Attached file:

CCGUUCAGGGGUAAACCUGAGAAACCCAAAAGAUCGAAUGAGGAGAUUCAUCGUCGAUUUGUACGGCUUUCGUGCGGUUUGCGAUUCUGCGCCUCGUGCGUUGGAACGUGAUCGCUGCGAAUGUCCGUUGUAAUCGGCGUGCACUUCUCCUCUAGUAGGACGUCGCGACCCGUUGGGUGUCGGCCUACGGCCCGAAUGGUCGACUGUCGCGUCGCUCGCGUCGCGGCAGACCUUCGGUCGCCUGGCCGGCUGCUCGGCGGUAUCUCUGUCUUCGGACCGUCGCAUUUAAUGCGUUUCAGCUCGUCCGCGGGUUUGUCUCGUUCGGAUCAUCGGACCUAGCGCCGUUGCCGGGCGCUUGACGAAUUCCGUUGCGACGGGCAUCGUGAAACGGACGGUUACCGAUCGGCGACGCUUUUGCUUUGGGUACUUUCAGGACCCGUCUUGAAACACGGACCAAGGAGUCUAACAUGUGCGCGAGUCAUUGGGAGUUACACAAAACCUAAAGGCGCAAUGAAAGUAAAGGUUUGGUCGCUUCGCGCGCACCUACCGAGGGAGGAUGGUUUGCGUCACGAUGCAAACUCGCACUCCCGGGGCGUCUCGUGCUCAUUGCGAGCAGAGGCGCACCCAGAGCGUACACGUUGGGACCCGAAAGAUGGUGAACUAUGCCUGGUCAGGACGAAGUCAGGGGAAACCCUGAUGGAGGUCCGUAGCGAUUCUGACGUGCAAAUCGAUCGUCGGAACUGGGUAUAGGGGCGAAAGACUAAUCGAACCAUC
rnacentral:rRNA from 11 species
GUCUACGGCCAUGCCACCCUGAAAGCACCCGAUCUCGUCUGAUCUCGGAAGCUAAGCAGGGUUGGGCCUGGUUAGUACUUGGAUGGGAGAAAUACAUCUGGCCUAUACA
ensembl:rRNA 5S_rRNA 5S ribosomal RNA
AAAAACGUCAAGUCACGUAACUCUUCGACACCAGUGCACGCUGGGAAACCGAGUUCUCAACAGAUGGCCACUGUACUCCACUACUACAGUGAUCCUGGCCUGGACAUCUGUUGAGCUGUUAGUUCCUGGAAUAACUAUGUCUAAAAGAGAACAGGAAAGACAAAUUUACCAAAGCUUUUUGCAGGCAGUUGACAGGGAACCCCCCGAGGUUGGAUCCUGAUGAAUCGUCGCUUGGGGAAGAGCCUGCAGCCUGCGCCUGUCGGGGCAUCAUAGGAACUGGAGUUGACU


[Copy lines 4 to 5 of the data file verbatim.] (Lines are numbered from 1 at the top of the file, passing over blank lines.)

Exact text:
ensembl:rRNA 5S_rRNA 5S ribosomal RNA
AAAAACGUCAAGUCACGUAACUCUUCGACACCAGUGCACGCUGGGAAACCGAGUUCUCAACAGAUGGCCACUGUACUCCACUACUACAGUGAUCCUGGCCUGGACAUCUGUUGAGCUGUUAGUUCCUGGAAUAACUAUGUCUAAAAGAGAACAGGAAAGACAAAUUUACCAAAGCUUUUUGCAGGCAGUUGACAGGGAACCCCCCGAGGUUGGAUCCUGAUGAAUCGUCGCUUGGGGAAGAGCCUGCAGCCUGCGCCUGUCGGGGCAUCAUAGGAACUGGAGUUGACU